A parking lot at the Cooper Park Houses is set to be replaced by a high-rise building, and residents of the East Williamsburg housing development aren’t happy about it. Several dozen people showed up to express their outrage Tuesday at a meeting where the New York City Housing Authority unveiled its plans.
The operators of Citi Bike are set to open facilities in the Jacob Riis Houses in Alphabet City, a move that they hope will bring more low-income riders to the bike-share program and make it easier for existing users to score a ride.
The new base of operations is located in what the New York City Housing Authority describes as “an existing facility in an underutilized space,” at 152-154 Avenue D. Motivate, the operators of Citi Bike, hope it will lead to a more balanced system, meaning no more showing up to stations to find there are no bikes to rent. Citi Bike general manager Kris Sandor also hopes it will help with community outreach. “We are again looking to support and engage with everybody, especially for ridership, but then also for our hiring practices,” Sandor said. “We’re really looking to make sure that we’re engaging with lower-income communities.”
In case you haven’t noticed the litany of passive aggressive, condescending, or otherwise ignorant status updates flooding your Facebook feed, it’s voting day for the New York primaries y’all! And the questions on everyone’s mind remain: Are we Cruzin’ for a Trumpbruisin’? And, as Carolyn Hines, a poll station volunteer at Cooper Park Houses joked, “You wanna know if we feelin the Bern or if we Hillary Clinton? Because we can’t really say that.”
But not everyone who visited the East Williamsburg polling station today was in such high spirits, and that’s actually why we showed up on the scene. As we found out on Twitter this morning, some local voters arrived at their designated voting site at the crack of dawn (no doubt some of them hoping to cast their vote before work started this morning) only to find that they were SOL.
After a hopeful move to a new location, the beleaguered St. Mark’s Bookshop is once again in danger of closing due to a dispute with its landlord. This time, it’s facing possible eviction by the New York City Housing Authority, which alleges that the beloved bookshop owes over $62,000 in rent.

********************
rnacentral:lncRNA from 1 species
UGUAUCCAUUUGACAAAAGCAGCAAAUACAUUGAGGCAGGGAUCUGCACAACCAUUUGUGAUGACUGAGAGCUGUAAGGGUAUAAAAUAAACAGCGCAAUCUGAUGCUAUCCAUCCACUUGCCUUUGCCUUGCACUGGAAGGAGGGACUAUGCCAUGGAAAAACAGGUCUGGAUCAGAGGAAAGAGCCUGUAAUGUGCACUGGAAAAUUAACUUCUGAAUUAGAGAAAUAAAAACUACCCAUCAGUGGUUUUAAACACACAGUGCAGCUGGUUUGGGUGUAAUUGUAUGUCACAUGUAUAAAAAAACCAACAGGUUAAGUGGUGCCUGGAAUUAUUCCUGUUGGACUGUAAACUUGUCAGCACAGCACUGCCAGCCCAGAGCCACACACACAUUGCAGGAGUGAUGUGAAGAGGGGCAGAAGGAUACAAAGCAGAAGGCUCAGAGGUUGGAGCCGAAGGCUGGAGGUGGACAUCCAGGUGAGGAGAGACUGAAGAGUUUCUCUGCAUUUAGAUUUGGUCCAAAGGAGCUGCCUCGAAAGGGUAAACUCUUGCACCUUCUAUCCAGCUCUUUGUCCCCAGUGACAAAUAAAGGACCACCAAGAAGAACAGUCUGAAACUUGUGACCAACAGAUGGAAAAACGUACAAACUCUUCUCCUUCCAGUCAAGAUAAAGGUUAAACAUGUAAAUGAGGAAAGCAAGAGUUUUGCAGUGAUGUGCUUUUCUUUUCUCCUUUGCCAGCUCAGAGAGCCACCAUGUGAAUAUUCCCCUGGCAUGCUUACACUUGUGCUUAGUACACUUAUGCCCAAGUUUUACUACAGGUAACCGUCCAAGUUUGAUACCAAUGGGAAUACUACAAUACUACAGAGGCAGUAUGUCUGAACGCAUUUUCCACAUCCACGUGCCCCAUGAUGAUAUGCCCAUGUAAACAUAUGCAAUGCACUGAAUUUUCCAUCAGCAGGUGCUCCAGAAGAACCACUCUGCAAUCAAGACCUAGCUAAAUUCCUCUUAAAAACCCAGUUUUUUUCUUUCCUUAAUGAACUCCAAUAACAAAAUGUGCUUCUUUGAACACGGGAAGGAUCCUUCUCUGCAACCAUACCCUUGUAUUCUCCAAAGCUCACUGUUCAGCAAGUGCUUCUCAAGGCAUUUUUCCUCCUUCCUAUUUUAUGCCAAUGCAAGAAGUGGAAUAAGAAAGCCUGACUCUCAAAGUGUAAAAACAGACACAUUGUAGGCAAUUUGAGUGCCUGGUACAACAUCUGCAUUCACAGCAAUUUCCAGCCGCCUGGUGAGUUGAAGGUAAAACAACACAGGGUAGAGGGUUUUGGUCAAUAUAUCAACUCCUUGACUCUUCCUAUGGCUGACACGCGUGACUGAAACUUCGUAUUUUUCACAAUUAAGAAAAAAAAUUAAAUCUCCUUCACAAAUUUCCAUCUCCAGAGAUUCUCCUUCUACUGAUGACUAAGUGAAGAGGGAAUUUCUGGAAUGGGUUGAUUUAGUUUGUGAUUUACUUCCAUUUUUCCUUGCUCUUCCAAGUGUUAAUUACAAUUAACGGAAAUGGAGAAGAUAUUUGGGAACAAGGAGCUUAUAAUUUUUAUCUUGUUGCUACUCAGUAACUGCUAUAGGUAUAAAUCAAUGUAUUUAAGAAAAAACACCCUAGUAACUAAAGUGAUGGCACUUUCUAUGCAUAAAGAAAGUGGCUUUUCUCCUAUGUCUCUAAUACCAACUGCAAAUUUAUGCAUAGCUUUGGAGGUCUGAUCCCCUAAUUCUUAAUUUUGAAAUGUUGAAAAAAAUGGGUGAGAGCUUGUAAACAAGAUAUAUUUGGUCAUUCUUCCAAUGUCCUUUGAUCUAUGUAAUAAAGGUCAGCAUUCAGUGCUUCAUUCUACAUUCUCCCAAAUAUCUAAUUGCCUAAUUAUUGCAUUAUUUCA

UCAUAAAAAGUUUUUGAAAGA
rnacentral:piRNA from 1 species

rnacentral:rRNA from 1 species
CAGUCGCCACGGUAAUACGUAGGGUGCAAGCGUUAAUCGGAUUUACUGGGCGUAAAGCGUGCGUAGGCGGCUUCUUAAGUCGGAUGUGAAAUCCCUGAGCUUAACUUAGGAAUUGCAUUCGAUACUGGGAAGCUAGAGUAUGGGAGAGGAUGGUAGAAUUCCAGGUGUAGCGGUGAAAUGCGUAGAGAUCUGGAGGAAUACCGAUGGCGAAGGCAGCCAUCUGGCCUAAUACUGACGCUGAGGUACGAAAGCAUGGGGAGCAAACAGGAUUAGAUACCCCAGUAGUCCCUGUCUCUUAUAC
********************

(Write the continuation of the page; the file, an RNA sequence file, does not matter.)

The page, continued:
Brian Honan, director of governmental relations for NCYCA, address CB 3’s Public Housing Committee (Photo: Jaime Cone)
Mayor de Blasio still hasn’t identified the public housing projects that will be targeted for private development under a controversial new plan, but after a meeting last night, it’s clear that the Lower East Side is a strong candidate for the mix of affordable and market-rate housing.
Dorothea Knox, President of the Tenant Association at Berry Street- South 9th Street Houses (photo: Nicole Disser)
Last month the city finally allocated $50 million to security upgrades and “anti-violence initiatives” in its ailing public housing complexes. But of the 15 developments that will see the long called-for funding, just one (Bushwick Houses) is in the Bedford + Bowery coverage area. Meanwhile, several developments in downtown Manhattan and North Brooklyn remain without any security cameras at all. More →
A trail of self-praise has followed Citi Bike over the last week. Over 6,000 Citi Bikers pedaled through the city against the Polar Vortex and just yesterday the program announced that it had signed up its 97,000th member. So why is the docking station outside of the Lillian Wald Houses on Avenue D and East 5th Street so often chock full of bright blue bikes?